Wow! Some of you guys should consider enrolling in some sociology classes.

Posted by Anonymous | January 27, 2007 10:22 PM

llighten up cracker! but seriously, why can't we just stick with nigger?

Posted by Anonymous | January 27, 2007 10:51 PM

dola

you talk about the first time two black coaches reach the super bowl. this is a different matter because 20 years ago black people were considered too stupid by some to play quarterback or be the coach of a football team. this marks a change in the times. there was no point where anyone said black people were incapable of writing music. you talk as if Hurricane Katrina, Sean Bell, and the black guys at the peter, bjorn and john show tomorrow night are the same thing. nice reference to Homer. you must be really educated to pull that. get over yourself. you're a fucking bum. end of story.

Posted by manic hispanic | January 28, 2007 12:07 AM

Labels are stupid. I'm a 28 year old attorney who makes bank...though none of you would ever know; shit, prolly chilled with half of you motherfuckers claiming I was a "writer" or some shit and was thrown props. But, I'm an attorney. I don't do anything that compromises my integrity or makes me feel awkward. I live on the LES and go to shows regularly, keeping a keen eye on BV for suggestions. I go, because it's fun. For no other reason. Hipsters hate on Yuppies. Nerds hate on jocks. Jocks hate on the same mf'ers in high school that they now go see at MSG for $35 a ticket. Blipster is clearly, the pinnacle of labeling, and even more so...fuckig stoooopid.

I'm glad to see that most everyone that's posted on here recognizes how ridiculous and superficial tossing a tag at someone is. But mad funny how all the hipsters get all amped, and they pull the same shit. Honestly, WHO THE FUCK CARES. Have a good time and fuck it.

Posted by Brian | January 28, 2007 1:26 AM

Frederick Douglass was such a blipster.

Posted by mbl | January 28, 2007 1:34 AM

That's the most horrible thing I've heard all day.

Posted by forecastmazy | January 28, 2007 5:56 AM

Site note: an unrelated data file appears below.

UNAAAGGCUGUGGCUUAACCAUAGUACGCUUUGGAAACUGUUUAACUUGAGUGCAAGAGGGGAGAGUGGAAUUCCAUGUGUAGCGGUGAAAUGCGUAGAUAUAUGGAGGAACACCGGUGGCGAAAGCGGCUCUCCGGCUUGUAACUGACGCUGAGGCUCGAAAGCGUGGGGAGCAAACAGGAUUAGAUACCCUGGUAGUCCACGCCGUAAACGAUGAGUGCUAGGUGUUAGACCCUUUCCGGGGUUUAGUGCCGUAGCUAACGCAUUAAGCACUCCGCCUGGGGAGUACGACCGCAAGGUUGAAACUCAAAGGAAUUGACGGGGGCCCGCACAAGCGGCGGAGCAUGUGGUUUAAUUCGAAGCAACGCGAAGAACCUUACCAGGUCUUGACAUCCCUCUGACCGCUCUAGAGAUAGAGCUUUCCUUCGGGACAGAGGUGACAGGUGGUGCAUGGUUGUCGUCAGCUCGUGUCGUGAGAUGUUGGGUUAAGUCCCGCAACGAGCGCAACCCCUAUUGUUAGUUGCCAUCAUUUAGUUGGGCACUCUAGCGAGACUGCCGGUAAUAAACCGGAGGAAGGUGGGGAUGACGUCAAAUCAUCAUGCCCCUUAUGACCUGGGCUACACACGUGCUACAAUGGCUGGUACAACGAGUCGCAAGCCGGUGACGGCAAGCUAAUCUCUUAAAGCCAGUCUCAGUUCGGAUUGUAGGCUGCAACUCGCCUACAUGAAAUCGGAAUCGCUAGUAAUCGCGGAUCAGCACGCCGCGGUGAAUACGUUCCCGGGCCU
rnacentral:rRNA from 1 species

It works all ways. I hear "oh you don't act gay" all the time. I just say "I'm not an actor"!

I've felt like a misfit all my life because I don't fit in with any of the pigeonholes that people expect my white gay ass to fall into. I'm not nellie, I love rock music and people that do it well. I don't care what race/creed/color/whatever they are. It's too bad everyone can't have that outlook.

Posted by Russ | January 28, 2007 9:25 AM

charlie fucking parker.

Posted by assface | January 28, 2007 9:46 AM

i thought blipsters were hipsters into nintendo music and 8bit gaming.

Posted by chris | January 28, 2007 9:49 AM

Brian, do you use the word "prolly" in your opening statements? Thanks for lowering the bar.

Posted by Mudd | January 28, 2007 10:13 AM

hi there, i posted 9 small clips of konono n1 playing in downtown são paulo at my blog http://transito.zip.net/ see ya!

Posted by andre maleronka | January 28, 2007 10:33 AM

On one hand I want to attack many of the fallacies I'm hearing here. On the other hand, I feel like most of us are in agreement that the term "blipster" is, at best, only one journalist's scheme to coin a catchphrase and gain some fame, and, at worst, yet another depressing indication of the narrowmindedness and inherently awkward nature of liberal white listenership confronting their own guilt.
However, news pieces like this one do have a credible basis. "White rap fans in the nineties" was a legitimate and interesting topic- though entirely overdone- because it represented a demographic in the majority taking interest in a product of the minority (a statistical anomaly, if not a historical one). That said, black musicians and fans participating in indie culture should not be as much of a story because, by the numbers, it's not surprising that a smaller group should become part of a larger one. The fact that people find this newsworthy at all is a testament to how culturally homogeneous indie rock has become.
Johnny Rotten often complained that punk ended when people started to dress like Sid Vicious. In other words, when the culture lost its ability to act as a haven for individuals, and started to behave as its own entity, dictating fashion, mannerisms, and attitudes instead of encouraging their diversity. Does this sound familiar?